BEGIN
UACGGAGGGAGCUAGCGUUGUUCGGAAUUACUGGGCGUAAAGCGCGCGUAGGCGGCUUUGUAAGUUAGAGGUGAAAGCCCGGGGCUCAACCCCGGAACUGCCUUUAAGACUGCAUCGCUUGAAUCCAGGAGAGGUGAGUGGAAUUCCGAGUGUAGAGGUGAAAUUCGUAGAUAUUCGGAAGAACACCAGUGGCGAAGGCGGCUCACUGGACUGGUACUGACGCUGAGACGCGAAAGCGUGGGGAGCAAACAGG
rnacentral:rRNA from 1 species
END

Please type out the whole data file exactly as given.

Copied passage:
UACGGAGGGAGCUAGCGUUGUUCGGAAUUACUGGGCGUAAAGCGCGCGUAGGCGGCUUUGUAAGUUAGAGGUGAAAGCCCGGGGCUCAACCCCGGAACUGCCUUUAAGACUGCAUCGCUUGAAUCCAGGAGAGGUGAGUGGAAUUCCGAGUGUAGAGGUGAAAUUCGUAGAUAUUCGGAAGAACACCAGUGGCGAAGGCGGCUCACUGGACUGGUACUGACGCUGAGACGCGAAAGCGUGGGGAGCAAACAGG
rnacentral:rRNA from 1 species